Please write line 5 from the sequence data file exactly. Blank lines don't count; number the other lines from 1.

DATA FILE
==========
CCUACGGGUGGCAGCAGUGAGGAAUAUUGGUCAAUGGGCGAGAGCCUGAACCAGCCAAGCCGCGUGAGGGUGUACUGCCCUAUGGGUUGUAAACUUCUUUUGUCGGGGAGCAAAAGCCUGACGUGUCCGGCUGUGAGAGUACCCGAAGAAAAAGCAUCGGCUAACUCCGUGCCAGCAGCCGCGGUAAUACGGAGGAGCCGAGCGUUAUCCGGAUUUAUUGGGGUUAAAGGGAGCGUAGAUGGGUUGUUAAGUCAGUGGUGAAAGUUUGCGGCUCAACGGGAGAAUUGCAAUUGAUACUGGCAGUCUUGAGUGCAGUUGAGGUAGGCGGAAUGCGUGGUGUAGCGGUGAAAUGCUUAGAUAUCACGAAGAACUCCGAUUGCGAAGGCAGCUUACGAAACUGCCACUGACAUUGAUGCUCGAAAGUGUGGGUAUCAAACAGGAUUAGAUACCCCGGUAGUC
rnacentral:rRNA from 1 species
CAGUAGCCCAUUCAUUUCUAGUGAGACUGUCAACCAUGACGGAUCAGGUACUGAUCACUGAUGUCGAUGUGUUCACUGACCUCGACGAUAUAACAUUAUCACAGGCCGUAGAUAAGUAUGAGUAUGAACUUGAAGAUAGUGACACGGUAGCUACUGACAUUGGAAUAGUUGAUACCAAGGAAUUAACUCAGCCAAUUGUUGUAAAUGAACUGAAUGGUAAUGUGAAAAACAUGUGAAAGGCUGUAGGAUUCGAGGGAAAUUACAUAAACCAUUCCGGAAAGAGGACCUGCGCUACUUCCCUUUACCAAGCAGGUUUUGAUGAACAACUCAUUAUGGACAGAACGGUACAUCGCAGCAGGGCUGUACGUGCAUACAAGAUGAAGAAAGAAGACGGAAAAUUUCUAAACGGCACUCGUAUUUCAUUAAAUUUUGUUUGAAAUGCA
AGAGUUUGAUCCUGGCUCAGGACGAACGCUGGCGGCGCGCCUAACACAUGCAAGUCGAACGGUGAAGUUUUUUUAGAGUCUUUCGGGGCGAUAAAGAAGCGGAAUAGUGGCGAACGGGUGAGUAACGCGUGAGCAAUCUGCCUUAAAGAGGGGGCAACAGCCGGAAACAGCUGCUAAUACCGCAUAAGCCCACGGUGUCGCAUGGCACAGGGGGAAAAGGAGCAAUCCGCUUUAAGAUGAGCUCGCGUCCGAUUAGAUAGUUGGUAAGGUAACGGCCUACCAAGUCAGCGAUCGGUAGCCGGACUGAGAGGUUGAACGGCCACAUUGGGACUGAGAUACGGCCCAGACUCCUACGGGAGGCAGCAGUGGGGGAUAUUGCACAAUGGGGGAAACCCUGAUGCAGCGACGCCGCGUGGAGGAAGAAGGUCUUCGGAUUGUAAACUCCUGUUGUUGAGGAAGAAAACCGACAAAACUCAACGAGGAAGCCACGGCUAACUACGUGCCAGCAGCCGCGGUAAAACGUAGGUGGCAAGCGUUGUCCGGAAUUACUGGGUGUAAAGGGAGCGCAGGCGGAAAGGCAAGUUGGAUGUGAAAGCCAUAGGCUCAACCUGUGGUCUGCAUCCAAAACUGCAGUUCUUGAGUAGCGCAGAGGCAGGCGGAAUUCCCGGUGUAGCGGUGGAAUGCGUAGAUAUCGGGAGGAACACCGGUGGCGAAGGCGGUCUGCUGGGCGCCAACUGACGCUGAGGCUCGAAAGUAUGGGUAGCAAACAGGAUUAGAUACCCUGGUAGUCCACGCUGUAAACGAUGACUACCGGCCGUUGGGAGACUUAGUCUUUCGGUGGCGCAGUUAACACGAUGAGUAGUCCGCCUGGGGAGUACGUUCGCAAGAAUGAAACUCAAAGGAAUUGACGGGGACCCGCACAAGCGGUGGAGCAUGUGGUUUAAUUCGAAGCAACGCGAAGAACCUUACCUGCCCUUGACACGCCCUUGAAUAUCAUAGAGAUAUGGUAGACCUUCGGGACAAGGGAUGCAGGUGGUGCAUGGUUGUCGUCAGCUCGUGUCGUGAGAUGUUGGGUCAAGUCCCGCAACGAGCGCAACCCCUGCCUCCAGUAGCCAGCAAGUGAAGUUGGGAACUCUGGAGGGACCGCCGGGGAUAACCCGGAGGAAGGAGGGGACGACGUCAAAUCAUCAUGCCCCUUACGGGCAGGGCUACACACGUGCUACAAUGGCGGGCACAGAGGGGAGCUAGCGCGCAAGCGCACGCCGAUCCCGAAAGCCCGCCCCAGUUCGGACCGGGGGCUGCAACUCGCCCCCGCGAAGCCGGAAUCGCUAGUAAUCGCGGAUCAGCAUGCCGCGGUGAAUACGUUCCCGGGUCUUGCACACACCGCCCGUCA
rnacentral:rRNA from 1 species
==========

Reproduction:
rnacentral:rRNA from 1 species